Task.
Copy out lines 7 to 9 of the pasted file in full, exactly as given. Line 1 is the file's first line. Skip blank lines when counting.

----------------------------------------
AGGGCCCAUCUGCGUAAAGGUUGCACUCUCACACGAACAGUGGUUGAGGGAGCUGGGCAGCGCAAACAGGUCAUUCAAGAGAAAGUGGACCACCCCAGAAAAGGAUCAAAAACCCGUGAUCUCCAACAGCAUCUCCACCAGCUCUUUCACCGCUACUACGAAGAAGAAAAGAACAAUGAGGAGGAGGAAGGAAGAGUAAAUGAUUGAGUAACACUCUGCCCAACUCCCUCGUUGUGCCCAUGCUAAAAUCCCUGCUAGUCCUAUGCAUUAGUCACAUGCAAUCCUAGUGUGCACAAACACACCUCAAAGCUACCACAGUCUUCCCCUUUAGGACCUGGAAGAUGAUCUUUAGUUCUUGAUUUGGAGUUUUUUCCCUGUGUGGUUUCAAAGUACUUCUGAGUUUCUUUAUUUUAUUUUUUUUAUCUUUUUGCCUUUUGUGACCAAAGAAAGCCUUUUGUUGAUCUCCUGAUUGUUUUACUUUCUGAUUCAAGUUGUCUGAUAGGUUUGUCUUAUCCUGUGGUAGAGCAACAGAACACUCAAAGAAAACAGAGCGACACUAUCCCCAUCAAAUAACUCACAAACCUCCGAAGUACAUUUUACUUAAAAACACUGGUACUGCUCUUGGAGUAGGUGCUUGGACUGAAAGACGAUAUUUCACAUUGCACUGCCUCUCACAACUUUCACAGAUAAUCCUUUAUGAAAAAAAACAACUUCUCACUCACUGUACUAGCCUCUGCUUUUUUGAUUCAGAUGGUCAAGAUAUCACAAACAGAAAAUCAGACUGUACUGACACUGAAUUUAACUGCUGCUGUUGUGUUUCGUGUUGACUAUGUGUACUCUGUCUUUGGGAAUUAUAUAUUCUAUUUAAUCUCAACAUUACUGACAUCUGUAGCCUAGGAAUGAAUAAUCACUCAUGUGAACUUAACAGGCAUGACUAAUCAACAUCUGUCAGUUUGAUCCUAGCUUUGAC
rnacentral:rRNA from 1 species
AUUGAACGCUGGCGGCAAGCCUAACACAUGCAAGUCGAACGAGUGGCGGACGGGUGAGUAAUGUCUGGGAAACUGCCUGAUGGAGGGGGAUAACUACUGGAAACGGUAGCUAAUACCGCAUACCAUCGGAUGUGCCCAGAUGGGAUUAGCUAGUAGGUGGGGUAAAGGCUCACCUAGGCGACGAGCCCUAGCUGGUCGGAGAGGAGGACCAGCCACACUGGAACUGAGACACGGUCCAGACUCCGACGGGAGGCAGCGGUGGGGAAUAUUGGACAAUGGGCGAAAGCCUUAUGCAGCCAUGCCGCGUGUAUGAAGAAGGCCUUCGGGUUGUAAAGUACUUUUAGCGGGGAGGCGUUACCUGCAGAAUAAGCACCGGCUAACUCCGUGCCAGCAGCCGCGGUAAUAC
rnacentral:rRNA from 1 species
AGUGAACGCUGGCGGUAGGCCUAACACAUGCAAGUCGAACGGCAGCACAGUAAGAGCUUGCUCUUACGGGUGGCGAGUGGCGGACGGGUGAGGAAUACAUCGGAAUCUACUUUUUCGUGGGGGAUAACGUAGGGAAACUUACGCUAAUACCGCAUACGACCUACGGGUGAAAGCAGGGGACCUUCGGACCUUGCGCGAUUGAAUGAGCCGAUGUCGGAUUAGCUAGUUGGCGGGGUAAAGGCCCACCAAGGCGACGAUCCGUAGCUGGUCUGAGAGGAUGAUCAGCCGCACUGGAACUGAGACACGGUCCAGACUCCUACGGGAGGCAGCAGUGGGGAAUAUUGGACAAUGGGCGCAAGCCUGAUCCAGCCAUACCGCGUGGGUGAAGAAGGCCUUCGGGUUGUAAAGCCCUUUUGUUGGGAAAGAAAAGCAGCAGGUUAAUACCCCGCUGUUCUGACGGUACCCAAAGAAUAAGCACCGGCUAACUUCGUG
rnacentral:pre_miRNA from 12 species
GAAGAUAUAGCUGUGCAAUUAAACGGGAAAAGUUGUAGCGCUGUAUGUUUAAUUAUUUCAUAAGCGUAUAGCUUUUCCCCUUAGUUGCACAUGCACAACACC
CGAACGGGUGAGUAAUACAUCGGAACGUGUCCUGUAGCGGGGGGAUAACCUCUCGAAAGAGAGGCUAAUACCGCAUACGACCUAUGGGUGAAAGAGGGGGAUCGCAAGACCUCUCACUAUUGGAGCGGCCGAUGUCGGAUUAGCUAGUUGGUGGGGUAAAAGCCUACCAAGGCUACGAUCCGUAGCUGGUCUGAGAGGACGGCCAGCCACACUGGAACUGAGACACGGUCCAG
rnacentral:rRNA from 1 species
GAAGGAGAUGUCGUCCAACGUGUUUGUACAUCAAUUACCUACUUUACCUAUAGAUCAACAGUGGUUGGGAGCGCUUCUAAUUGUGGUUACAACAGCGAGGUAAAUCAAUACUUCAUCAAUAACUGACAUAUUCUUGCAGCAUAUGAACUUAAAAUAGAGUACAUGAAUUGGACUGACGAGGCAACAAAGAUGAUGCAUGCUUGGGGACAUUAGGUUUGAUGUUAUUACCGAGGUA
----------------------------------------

GAAGAUAUAGCUGUGCAAUUAAACGGGAAAAGUUGUAGCGCUGUAUGUUUAAUUAUUUCAUAAGCGUAUAGCUUUUCCCCUUAGUUGCACAUGCACAACACC
CGAACGGGUGAGUAAUACAUCGGAACGUGUCCUGUAGCGGGGGGAUAACCUCUCGAAAGAGAGGCUAAUACCGCAUACGACCUAUGGGUGAAAGAGGGGGAUCGCAAGACCUCUCACUAUUGGAGCGGCCGAUGUCGGAUUAGCUAGUUGGUGGGGUAAAAGCCUACCAAGGCUACGAUCCGUAGCUGGUCUGAGAGGACGGCCAGCCACACUGGAACUGAGACACGGUCCAG
rnacentral:rRNA from 1 species